For a man who had spent all his professional life in uniform and seized power in a military coup, Pervez Musharraf's decision to give up command of Pakistan's armed forces, as he did yesterday, was a step whose significance should not be underestimated. As could be seen from his demeanour at the elaborate handover ceremony, it was a move that meant much to him personally. He was also honouring his public promise: to govern, if elected to a third presidential term, as a civilian and not a general.
So this was a key moment in the personal history of President Musharraf and in the political history of Pakistan. But it should have meant far more to Pakistan, and its regional and global standing, than it did. For while General Musharraf was fulfilling his part of a bargain made not just with the voters of Pakistan but with the former prime minister, Benazir Bhutto, the precise circumstances of his departure from the military made this far less than a return to genuine civilian rule.
Ms Bhutto had returned to Pakistan from exile on the understanding that General Musharraf's inauguration as a civilian President would be a prelude to democratic parliamentary elections. Ms Bhutto's calculations were that her People's Party would have a fair chance of power and she of becoming Prime Minister. What was essentially a power-sharing agreement between them, based on mutual self-interest, was negotiated long and hard. It was overseen some would argue, steered by Washington and London.
Within days of her return, however, the calculations suddenly looked rather different. Already concerned by a series of bomb attacks and mounting street protests against his regime, General Musharraf declared a state of emergency. The size of the triumphal crowds that greeted the return of Ms Bhutto, and the failure of the military and police to prevent an assassination attempt that killed and injured many in her entourage, doubtless accelerated his decision.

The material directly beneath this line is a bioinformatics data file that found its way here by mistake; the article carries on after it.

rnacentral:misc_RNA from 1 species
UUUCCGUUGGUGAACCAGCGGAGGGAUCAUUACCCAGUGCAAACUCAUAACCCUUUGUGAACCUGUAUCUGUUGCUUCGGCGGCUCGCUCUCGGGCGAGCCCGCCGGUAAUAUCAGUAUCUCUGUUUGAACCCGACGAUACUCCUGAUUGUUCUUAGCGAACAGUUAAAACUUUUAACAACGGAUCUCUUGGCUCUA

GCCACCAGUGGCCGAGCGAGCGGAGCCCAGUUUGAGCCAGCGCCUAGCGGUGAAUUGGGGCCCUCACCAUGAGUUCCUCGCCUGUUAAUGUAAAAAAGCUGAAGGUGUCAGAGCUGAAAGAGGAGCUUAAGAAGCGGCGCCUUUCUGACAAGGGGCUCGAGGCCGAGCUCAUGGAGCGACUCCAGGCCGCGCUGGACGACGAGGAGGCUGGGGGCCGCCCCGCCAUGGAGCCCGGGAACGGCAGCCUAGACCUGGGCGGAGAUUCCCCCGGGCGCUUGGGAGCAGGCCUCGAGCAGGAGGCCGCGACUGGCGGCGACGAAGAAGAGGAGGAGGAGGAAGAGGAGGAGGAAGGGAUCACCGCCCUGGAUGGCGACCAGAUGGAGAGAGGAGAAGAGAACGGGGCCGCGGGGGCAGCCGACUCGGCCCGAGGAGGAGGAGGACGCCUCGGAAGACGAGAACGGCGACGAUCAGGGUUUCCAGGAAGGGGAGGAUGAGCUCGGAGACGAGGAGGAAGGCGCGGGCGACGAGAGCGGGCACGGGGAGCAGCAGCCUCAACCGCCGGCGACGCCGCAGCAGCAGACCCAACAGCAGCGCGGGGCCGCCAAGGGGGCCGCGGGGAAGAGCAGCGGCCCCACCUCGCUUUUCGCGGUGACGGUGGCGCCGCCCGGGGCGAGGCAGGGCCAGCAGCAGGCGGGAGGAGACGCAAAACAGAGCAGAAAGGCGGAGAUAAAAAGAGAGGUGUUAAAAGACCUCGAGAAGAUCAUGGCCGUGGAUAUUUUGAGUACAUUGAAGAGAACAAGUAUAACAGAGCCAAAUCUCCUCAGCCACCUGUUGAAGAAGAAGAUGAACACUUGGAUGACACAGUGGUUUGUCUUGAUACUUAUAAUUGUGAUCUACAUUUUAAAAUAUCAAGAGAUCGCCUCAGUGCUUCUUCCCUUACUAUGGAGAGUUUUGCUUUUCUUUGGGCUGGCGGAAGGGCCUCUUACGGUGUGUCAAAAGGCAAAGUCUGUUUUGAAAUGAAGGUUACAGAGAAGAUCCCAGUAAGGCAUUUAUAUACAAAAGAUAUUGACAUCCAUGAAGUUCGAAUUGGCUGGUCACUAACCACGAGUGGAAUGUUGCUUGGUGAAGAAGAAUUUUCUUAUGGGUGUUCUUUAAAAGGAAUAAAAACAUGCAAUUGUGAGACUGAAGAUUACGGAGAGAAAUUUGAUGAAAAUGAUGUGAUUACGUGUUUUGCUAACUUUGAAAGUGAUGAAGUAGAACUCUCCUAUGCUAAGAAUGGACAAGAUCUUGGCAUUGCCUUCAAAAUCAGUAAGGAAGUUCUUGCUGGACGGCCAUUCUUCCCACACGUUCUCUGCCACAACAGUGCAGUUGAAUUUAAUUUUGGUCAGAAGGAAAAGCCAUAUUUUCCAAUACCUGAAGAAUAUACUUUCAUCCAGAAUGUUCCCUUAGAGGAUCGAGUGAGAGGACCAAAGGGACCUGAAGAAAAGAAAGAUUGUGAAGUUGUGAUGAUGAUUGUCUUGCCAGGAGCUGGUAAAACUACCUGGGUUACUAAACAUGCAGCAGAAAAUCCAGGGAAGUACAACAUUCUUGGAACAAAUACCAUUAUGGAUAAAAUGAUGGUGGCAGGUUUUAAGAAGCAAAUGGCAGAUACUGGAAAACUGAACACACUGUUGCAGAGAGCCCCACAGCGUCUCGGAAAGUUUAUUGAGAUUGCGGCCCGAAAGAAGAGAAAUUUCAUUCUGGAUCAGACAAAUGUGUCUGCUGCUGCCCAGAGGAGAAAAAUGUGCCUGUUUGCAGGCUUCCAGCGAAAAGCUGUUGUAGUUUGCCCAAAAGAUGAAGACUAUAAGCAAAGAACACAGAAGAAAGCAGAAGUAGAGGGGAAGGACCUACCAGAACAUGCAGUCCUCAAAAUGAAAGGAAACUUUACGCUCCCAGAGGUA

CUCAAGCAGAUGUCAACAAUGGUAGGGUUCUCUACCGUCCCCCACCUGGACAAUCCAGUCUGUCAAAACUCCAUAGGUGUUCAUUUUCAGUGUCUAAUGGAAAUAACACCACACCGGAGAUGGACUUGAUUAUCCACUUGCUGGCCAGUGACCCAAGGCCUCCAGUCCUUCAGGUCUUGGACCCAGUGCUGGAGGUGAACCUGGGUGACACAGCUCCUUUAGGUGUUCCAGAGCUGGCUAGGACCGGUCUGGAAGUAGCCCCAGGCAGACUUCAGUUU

But a transfer to civilian rule under emergency conditions is not at all the joyous occasion that it could and should have been. With opposition politicians and journalists locked up, critical judges silenced, and martial law in operation, it is hard to see what real difference there is between Pakistan under a uniformed General Musharraf and Pakistan with a plain Mr President. Ms Bhutto, rightly, terminated her agreement with General Musharraf. She none the less remained in Pakistan and set about campaigning for the parliamentary elections that General Musharraf insisted would go ahead.
At the start of this week, a new element was added to the volatile mix with the return from exile of Nawaz Sharif, the prime minister ousted by General Musharraf eight years ago. He, too, received a hero's welcome. That he was permitted to return illustrated more graphically than anything else the change that has occurred in the balance of Pakistan's political forces. His attempt to return two months ago was thwarted by General Musharraf, who defied the ruling of the country's highest court to send him back to Saudi Arabia. Now he is welcome, apparently as a potential foil to Ms Bhutto.
Both former prime ministers have expressed misgivings, again rightly, about a parliamentary election campaign being conducted in emergency conditions. Yet elections, held even in such imperfect circumstances, may represent the best hope for the maintenance of stability, the return of democracy, and the establishment of genuine civilian rule in Pakistan. If elections can be held without turning into a complete travesty of the process, they should be. Most of the alternatives would be worse.